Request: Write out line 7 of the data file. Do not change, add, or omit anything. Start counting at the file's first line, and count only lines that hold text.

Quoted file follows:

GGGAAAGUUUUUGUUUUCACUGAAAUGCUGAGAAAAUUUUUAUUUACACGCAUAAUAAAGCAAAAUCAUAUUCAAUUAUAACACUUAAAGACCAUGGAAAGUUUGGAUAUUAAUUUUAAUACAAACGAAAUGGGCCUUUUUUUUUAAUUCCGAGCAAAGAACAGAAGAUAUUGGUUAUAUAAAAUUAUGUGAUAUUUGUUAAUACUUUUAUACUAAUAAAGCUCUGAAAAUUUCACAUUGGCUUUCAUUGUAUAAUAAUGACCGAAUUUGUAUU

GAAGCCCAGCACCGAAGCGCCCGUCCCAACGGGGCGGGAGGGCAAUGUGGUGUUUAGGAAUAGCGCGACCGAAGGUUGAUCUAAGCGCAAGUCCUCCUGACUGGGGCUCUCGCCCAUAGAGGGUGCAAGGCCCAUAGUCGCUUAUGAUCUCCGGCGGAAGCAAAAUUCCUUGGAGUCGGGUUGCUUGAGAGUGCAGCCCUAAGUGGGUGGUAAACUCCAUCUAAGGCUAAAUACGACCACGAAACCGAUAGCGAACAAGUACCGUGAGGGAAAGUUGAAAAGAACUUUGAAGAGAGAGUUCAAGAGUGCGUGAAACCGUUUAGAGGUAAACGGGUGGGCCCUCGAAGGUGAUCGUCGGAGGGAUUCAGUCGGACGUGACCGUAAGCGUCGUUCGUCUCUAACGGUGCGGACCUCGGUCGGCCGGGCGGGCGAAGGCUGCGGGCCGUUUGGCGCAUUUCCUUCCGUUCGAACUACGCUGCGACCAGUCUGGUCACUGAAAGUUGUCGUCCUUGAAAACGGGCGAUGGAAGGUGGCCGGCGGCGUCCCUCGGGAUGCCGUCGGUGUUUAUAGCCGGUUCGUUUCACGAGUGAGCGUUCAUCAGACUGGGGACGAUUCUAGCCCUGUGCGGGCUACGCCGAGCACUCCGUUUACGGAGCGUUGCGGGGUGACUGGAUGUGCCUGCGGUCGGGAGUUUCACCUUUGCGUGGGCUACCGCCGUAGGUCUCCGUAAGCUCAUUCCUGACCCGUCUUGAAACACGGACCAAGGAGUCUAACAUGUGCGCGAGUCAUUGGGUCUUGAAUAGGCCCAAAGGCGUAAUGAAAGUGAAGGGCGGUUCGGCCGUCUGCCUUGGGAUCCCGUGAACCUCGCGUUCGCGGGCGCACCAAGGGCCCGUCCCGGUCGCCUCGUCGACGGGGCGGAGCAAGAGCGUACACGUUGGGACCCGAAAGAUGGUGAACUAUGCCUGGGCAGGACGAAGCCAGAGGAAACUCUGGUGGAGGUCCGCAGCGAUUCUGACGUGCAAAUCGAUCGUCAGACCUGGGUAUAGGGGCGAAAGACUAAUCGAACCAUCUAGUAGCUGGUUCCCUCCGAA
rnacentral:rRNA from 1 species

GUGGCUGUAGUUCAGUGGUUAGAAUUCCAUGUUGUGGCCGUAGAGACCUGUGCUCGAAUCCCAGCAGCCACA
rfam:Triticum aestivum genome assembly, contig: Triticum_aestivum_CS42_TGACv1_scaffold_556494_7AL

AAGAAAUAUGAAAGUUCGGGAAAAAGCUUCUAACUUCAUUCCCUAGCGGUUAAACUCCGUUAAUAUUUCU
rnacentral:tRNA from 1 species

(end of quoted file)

rnacentral:tRNA from 1 species